Grapevine Craft Brewery is not one of Dallas-Fort Worth's oldest breweries, but it's certainly one of the most storied.
Since opening in late 2013, the business, which was once billed as one of the fastest-growing local brands, has moved locations and started a subsidiary brewing company. It even picked up a gold medal from Great American Beer Festival along the way.
But where its products were once available throughout the Lone Star State, Grapevine ceased distribution this past summer. And as the brewery prepares to celebrate an anniversary Saturday, it could be argued that it hardly bears any semblance to the Grapevine Craft Brewery that opened three years ago. And according to founder Gary Humble, that's not a mistake.
Humble says he's been weathering the increasingly competitive craft beer market by continually tweaking his business model. In August, when Grapevine announced it would discontinue distribution and make its beer available exclusively at the brewery, Humble hoped it would help offset his costs. Plus, the taproom, which Humble calls "the heart of our business," had become more lucrative.
"It's very difficult for me dealing with a distributor and retail chains, who at the end of the day, are the means of my success," he says. "I'd rather make my own success."
Still, there's no denying the bottom line. Around the same time Grapevine stopped packaging, it brought on a new contract client: Dallas' Deep Ellum Brewing Co., which took the lion's share of Grapevine's capacity to produce its Dallas Blonde ale in kegs.
John Reardon, owner of Deep Ellum Brewing Co., says he considered acquiring Grapevine Craft Brewery outright to help Humble. The two had become close through a joint lawsuit their businesses brought against the Texas Alcohol and Beverage Commission in 2015, seeking the right to sell packaged beer to go — they're expecting a ruling from the judge before the end of the year — so when "things got a little too tight," Reardon says Humble phoned him. But instead of buying Grapevine Craft Brewery, Reardon opted to become its biggest source of revenue.
"I said, '[Expletive] all this, I don't want to own your brewery anymore; I want to make your brewery profitable,'" Reardon says.
"I said, 'You've got an amazing brewery with an amazing staff, how about we just put my beer in your brewery and figure out how to go from there?'" Reardon adds.
The deal afforded Reardon an extra 20,000 barrels of coveted capacity. In September, Deep Ellum brewed 670 barrels of Dallas Blonde in Grapevine and grew business by 35 percent. For Humble, the deal enabled him to develop the North Texas Brewing Co. contract business, which includes Armadillo Ale Works and Infamous Brewing Co. in its portfolio, and, perhaps more importantly, keep his head above water.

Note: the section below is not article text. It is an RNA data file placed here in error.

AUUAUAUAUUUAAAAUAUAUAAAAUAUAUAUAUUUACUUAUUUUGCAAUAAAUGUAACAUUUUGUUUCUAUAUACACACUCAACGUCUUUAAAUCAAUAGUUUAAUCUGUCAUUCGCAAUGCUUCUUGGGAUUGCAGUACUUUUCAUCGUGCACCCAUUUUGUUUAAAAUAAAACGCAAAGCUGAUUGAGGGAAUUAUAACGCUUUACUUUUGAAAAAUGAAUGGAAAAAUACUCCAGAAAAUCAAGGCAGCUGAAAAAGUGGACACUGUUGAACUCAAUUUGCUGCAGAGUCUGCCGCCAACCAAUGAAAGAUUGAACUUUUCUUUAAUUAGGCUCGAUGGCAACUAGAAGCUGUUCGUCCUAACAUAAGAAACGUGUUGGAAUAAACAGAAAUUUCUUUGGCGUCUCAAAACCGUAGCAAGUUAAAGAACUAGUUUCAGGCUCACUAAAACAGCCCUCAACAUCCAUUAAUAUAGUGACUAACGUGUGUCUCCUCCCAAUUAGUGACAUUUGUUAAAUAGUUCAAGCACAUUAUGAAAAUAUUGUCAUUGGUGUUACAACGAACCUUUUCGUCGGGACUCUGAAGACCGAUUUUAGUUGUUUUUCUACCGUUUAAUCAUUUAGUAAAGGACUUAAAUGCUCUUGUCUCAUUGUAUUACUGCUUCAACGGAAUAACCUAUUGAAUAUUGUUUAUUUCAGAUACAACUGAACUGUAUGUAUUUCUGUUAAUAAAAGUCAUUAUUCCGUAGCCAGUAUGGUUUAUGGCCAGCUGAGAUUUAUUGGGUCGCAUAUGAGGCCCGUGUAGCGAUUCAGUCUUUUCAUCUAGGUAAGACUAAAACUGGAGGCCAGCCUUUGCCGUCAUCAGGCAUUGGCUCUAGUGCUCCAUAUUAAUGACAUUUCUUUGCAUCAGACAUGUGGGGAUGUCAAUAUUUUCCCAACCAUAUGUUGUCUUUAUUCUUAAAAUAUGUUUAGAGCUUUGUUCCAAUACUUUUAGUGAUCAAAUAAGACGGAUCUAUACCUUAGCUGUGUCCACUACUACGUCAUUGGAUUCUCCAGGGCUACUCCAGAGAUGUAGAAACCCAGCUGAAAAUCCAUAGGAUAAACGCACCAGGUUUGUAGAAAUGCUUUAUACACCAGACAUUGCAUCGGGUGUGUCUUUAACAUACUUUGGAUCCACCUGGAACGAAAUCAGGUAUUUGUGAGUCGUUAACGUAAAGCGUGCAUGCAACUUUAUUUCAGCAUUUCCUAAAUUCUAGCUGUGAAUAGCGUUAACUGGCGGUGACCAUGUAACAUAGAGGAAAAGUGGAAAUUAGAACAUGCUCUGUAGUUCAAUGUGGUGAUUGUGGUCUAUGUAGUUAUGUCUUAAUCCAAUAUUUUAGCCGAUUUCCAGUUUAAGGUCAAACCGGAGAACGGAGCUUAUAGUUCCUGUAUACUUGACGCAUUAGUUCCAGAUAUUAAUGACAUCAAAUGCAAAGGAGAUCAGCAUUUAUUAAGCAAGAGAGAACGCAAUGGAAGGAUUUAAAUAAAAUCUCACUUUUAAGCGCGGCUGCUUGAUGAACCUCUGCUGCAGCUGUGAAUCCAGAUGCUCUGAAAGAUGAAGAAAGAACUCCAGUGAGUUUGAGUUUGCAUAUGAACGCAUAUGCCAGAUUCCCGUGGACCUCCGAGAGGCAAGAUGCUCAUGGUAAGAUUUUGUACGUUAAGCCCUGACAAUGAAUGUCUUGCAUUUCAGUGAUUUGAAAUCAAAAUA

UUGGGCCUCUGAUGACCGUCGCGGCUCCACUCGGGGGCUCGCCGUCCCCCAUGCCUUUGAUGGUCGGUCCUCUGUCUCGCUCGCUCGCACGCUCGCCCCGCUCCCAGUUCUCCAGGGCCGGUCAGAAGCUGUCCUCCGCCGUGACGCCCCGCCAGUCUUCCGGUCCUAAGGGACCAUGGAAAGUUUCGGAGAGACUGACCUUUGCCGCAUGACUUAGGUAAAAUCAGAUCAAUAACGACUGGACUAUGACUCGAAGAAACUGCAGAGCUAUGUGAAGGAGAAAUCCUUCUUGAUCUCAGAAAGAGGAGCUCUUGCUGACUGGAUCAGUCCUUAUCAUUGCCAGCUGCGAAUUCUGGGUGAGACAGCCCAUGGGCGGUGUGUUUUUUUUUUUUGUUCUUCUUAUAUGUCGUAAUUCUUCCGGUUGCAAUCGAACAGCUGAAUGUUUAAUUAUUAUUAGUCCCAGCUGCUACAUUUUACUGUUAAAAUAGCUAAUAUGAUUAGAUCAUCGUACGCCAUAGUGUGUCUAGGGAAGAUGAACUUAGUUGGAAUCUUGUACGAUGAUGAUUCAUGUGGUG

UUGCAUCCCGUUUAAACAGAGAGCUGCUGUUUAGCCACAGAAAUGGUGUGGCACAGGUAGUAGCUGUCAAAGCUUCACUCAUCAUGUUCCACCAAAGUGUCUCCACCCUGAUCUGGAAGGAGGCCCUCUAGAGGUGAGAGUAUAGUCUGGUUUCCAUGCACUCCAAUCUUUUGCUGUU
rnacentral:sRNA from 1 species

"Deep Ellum coming online for us, frankly, kept us alive," Humble says. "We get to do what we love, make great beer, and let everyone else fight the beer wars."
What exactly does this mean for Grapevine Craft Brewery as a brand?
It still brews small-batch original recipes on a three-barrel pilot system under the direction of Tyler Cullender, who leads the brewing staff, and Bobby Mullins, the head brewer for Armadillo Ale Works who replaced Grapevine's former brewer over the summer.
Humble promises that Saturday's anniversary party will feature all of Grapevine's staple recipes, including the award-winning Sir Williams English Brown Ale, plus two seasonal specialties: Stocking Stuffer Winter Warmer and Christmas Cookie Ale. The party runs from noon to 10 p.m. and is free to attend; however, it is also a benefit for nonprofit GRACE, which provides food, clothing and other amenities to those in need. Bring three pantry or personal hygiene items and you'll get a free raffle ticket for a swag bag drawing. Beers are pay-per-purchase.
For those who can't attend, Humble contends there's still hope drinkers may one day be able to have a six-pack of Grapevine beer in the fridge. (It's worth noting you can still find Grapevine beer on some store shelves as distributor Ben E. Keith clears out its stock.) Should the judge rule in the brewers' favor in the lawsuit against TABC, Humble plans to sell packaged beer to-go from the taproom.
"That changes everything for us," he says. "We'd start packaging again day one."